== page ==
To fully grasp what’s going on here, read a second piece, the cover story of the latest issue of The Atlantic, a brutal indictment of elite independent prep schools. The author, Caitlin Flanagan, is a brilliant and acerbic writer who used to teach at Harvard-Westlake. It’s a mesmerizing tale of wretched excess at bastions of privilege that have somehow convinced themselves that they are, all appearances notwithstanding, indispensable engines of inclusivity and social justice. Flanagan ferrets out data that explain why parents at these elite school may seethe, but they don’t leave. Less than 2 percent of the nation’s K–12 students attend schools like Harvard-Westlake, however one-fourth of the admitted class of 2024 at Yale and Princeton attended one. At Brown and Dartmouth, it’s nearly 30 percent. “This is why wealthy parents think it’s life-and-death to get their kids into the right prep school,” Flanagan concludes, “because they know that the winners keep winning.”
Money talks, but anxiety shrieks. When a school is perceived to be a golden ticket to something precious and rare, even the most discerning and well-connected parent becomes not an empowered consumer, but a supplicant willing to put up with nearly anything: attendance at annual antiracist orientations for family members; children as young as five years old instructed to “check each other’s words and actions”; students and parents sorted into “affinity groups” based on their race; and schools where children are told “if you are white and male, you are second in line to speak.” The standard logic of school choice advocates would suggest that parents at odds with all of this should be first in line to spend their money elsewhere. But it’s not just love that money can’t buy, it’s moral courage, too.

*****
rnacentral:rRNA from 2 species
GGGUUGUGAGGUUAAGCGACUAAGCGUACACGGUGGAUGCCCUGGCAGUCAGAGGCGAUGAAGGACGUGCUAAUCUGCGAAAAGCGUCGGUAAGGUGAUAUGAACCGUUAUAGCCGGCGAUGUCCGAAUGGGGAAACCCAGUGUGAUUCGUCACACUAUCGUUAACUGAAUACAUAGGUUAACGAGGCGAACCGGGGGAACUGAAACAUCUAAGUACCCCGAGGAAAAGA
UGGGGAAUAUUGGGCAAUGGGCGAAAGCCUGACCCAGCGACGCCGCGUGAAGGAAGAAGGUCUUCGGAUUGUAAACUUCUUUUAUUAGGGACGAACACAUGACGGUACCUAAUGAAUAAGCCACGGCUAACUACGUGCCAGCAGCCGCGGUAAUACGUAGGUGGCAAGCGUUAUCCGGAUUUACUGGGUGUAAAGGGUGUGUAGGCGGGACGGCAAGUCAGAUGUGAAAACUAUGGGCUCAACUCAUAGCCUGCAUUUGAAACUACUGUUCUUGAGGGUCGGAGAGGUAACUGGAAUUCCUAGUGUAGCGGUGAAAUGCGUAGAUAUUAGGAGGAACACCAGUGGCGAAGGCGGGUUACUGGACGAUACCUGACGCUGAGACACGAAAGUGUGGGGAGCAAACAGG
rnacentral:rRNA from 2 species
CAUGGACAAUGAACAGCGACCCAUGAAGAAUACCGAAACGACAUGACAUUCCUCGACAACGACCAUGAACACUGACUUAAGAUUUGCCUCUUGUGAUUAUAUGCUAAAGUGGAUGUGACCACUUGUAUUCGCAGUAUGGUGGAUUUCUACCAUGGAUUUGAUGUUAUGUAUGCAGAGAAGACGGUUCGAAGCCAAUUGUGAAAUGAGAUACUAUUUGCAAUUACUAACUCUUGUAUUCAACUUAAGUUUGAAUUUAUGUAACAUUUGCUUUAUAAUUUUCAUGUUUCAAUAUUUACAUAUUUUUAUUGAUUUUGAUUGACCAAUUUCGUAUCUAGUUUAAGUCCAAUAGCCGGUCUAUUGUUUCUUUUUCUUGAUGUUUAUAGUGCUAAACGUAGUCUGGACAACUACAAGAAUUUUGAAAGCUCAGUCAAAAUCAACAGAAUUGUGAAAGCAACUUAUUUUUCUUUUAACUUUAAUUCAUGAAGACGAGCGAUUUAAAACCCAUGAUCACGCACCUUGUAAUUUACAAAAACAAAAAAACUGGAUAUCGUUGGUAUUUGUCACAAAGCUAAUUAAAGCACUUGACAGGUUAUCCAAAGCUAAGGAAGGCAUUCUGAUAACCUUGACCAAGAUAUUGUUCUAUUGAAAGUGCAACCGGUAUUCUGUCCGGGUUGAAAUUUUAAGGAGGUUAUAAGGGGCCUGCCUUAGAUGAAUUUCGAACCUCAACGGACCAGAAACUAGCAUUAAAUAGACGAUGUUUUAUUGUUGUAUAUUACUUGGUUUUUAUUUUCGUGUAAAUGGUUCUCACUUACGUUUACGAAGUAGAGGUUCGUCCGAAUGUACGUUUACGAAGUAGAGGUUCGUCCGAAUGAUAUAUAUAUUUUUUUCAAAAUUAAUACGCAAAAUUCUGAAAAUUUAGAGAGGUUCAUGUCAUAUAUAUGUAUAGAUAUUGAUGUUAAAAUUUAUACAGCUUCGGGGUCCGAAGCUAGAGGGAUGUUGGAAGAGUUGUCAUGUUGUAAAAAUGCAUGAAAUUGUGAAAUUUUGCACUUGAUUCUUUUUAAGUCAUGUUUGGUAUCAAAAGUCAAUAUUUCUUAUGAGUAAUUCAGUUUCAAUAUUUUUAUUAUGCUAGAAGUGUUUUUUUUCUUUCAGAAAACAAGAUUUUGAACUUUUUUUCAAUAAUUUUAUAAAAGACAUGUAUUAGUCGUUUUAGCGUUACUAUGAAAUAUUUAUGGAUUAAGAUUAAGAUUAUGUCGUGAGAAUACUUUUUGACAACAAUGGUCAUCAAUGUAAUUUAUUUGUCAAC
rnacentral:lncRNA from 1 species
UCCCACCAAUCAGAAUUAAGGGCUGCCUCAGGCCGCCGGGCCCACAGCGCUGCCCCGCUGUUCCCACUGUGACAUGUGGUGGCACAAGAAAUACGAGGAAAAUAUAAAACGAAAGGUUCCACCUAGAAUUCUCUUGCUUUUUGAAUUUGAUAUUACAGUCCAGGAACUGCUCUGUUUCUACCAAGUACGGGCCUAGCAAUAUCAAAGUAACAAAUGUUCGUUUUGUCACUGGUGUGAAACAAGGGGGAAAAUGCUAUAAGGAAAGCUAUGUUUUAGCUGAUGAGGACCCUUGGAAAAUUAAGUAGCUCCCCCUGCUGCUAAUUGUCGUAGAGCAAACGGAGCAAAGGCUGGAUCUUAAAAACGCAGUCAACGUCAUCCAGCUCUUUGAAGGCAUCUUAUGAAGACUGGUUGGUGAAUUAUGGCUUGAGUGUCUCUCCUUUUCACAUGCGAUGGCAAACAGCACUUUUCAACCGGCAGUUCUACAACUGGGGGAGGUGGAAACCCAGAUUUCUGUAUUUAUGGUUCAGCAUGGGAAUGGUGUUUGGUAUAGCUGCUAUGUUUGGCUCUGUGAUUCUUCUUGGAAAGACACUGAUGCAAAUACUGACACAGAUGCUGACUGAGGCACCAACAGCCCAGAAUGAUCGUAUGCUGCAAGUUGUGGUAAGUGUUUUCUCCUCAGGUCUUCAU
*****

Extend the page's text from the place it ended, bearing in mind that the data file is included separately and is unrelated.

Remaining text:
Flanagan’s piece deliciously carves up the hypocrisy of exclusive prep schools unctuously mewling about their commitment to inclusivity. “If these schools really care about equity, all they need to do is get a chain and a padlock and close up shop,” she writes. But her essay unwittingly reveals the impotence of choice alone to fully empower parents and dissuade schools from programs and policies that are out of step with the values of families who pay for them. “Private-school parents have become so terrified of being called out as racists that they will say nothing on the record about their feelings regarding their schools’ sudden embrace of new practices,” Flanagan writes. “They have chosen, instead, anonymous letters and press leaks.” When choice-driven demand is high enough, it’s no different than when neighborhood schools have a monopoly: It’s the school—not the parents—holding the cards. They have no reason to change or even to listen, and everyone knows it.
In the end, school choice is no match for the promise of an Ivy League acceptance letter, groupthink, and social pressure to comply with elite schools’ determination to be “antiracist.” Weiss, one of our most fearless journalists, sees this clearly and calls it out. The parents in her story “are not parents with no other options. Most have the capital—social and literal—to pull their kids out and hire private tutors,” she writes. “That they weren’t speaking out seemed to me cowardly, or worse.”
“This ideology isn’t speaking truth to power,” Weiss concludes. “It is the power.”